Saturday, April 7, 2012

'Titanic 3D': A New Emotional Experience...


I don't remember Titanic being as hopeful the first time as I found it to be when I trekked back to the theater and plunked on some heavy 3D goggles to watch its re-release. Say what you will about the necessity to re-release it, reformatted to fit the "Real 3D" technology-- many have, and many fall on both sides of the argument. Personally I never really saw a need for 3D until Titanic. James Cameron may have a reputation for being a bit of a tyrant, but let's face it: the man knows his technology. Titanic was a marvel for the ocean exploration even before we got to the ship sinking, and I believe it is the first true example of what a "Real 3D" movie should look like. No gimmicks, no pieces of debris flying at your face, just immersing you in the world-- and in this case, the ocean. The majesty of the ship and every luxury and decadence on board was never clearer, and therefore neither was the sadness at the tragedy that struck when the ship did the iceberg. But this is not a post about the technology of Titanic, so I will leave that argument up to those who more closely studied the conversion process and cost associated with it. Instead, I would like to talk about the message of the film-- one that, as I said just a minute ago, I walked out of the theater struck by just how hopeful it was.

Maybe it's because I'm older now, and I can stop staring at the impossible beauty that was Leonardo DiCaprio. Maybe it's because I had already seen it a couple of times, and I knew the beats that would come next, and the next, so I was looking at the film on a different level, for a different experience. Maybe it's just because I am at a different place in life and once again found identification in the story, just in a new way. While once upon a time I marveled at how quickly these two fell in love and the great lengths that they would go to be together, this time around, I was much more taken by the vast expanse between their resolves and strengths of mind.

Maybe Rose (Kate Winslet) really never would have jumped when she stood on the railing after that first stuffy dinner on the ship. But she was still looking for a way out of her life at any cost, and to me, that's the definition of suicidal. Meeting Jack (Leonard DiCaprio) in that moment could have been enough to give her the courage to stand up to her mother and walk away from a life she was being committed to. And it was, slowly. He helped her find her fire. But of course, history had other plans.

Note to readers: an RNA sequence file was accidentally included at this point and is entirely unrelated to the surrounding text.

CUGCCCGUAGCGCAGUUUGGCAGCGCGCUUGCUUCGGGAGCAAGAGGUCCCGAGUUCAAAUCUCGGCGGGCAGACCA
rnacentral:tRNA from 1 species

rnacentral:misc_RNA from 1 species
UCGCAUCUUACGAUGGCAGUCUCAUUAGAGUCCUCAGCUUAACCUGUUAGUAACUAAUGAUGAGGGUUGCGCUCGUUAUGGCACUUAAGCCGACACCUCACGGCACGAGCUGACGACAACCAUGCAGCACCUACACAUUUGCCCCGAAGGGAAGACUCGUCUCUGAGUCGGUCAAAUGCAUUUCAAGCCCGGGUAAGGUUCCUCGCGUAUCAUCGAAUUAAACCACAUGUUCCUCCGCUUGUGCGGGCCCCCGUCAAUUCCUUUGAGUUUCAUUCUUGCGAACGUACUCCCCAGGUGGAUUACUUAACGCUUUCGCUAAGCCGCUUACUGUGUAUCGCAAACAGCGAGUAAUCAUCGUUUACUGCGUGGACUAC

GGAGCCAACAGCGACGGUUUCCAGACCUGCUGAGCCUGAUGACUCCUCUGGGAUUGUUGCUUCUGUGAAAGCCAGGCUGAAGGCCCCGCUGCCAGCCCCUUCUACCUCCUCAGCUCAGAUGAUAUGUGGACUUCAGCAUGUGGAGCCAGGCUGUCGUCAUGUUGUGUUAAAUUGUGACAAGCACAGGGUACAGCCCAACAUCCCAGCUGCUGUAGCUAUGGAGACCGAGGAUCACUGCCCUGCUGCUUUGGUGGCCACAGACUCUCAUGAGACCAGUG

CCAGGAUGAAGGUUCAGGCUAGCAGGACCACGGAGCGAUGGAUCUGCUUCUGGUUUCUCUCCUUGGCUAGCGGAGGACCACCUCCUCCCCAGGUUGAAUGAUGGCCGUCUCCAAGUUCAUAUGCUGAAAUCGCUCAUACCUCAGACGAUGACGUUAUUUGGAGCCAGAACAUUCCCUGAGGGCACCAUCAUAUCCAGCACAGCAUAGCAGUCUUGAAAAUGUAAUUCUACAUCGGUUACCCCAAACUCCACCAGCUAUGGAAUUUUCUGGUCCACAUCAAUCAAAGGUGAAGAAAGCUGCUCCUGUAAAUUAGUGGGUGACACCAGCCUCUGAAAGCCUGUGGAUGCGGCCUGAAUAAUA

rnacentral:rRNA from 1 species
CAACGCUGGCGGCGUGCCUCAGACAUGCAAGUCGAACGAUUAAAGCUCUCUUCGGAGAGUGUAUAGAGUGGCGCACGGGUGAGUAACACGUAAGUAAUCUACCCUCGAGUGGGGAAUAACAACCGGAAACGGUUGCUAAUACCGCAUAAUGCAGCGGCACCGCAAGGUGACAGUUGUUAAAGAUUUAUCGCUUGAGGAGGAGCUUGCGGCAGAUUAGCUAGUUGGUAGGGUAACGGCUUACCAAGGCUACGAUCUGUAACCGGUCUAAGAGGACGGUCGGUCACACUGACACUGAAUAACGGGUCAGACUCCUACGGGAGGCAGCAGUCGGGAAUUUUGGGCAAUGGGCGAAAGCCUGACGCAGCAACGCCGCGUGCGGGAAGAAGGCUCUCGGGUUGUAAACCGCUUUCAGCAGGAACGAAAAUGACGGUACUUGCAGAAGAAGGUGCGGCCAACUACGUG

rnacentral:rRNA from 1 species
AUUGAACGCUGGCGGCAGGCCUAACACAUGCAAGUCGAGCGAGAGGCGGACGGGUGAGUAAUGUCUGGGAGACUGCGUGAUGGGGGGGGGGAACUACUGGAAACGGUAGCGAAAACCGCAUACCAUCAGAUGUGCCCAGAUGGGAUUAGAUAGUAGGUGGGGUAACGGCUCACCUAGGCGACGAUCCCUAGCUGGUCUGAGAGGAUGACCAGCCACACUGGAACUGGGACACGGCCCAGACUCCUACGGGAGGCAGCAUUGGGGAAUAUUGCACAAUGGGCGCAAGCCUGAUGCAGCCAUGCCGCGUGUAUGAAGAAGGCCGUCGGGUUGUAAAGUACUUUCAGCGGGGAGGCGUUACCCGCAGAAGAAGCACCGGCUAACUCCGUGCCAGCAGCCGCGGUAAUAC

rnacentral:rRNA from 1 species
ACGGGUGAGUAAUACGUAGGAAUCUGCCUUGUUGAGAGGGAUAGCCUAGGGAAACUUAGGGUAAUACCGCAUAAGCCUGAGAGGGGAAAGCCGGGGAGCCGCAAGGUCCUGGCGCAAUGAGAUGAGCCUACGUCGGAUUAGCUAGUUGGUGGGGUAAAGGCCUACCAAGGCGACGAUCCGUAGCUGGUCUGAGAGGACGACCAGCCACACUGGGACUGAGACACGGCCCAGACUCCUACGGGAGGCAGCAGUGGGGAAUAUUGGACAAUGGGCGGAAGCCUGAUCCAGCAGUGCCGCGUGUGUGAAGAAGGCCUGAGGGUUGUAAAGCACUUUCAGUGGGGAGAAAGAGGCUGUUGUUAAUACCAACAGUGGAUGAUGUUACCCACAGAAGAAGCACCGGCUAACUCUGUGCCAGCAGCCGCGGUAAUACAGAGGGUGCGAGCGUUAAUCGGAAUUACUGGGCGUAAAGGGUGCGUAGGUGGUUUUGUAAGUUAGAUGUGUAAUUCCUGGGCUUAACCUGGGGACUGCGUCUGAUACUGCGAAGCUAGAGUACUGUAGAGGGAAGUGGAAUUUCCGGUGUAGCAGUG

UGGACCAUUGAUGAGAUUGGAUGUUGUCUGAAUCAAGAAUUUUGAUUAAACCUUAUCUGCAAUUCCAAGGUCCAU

When Rose was faced with safety, when she was sitting in the rowboat, being lowered to the icy ocean underneath, she looked up at saw Jack resigning himself to his fate. There was no deal, promising him a spot in an identical boat. He was staying aboard, for better and for worse, and he would most likely die there. And she made the decision to die with him. It was her only true way out of her life.

Yet, Jack, a guy with tons of heart but really nothing else, fought the entire time to just stay alive. The speech he gave at dinner with Rose and her family about life being a gift was not just rhetoric to him. He dove down to retrieve dropped keys to unlock gates and pulled benches from their posts to open other gates. He pulled Rose along the deck of the ship, up stairs, over the railing once again. His sheer will to live was astounding.

It's hard to judge characters-- or even real people-- in situations so life-or-death. You could say that Rose's fire died out when she resigned herself to perish alongside Jack, or you could say it was incredibly brave to decide to take a stand and go out on as much of your own terms as you could allow. When she pointed out to Jack that they were now clinging to the spot they first met, you could say he was foolish for still trying every last ditch attempt to bide a little extra time while others were jumping just to end it quicker, or you could say that he, too, was brave, for doing everything he could to hold onto what he had.

Obviously, looking at the story this way, his death is that much more poetic and powerful. There was a brief moment, after Rose had promised Jack to never let go of those dreams and her fire, after she heard the booming but frantic Ioan Gruffudd's calls, after she realized Jack was no longer with her, that she laid back flat on the raft and seemed to just be waiting for the cold to take her, too. But in the end, she found that last little bit of fire to honor Jack and that promise. She dug deeper, or Jack, in his own way, pushed her along. And that is in what I find the hope. After being locked away by fear for so long, after going through an insanely terrible ordeal, after losing the one salvation she found, she finally took charge. She finally found her own will to really live, not just exist. The Titanic may have been the best thing to happen to Jack because it brought him to her, but it was the best thing for her because it brought her back to life.

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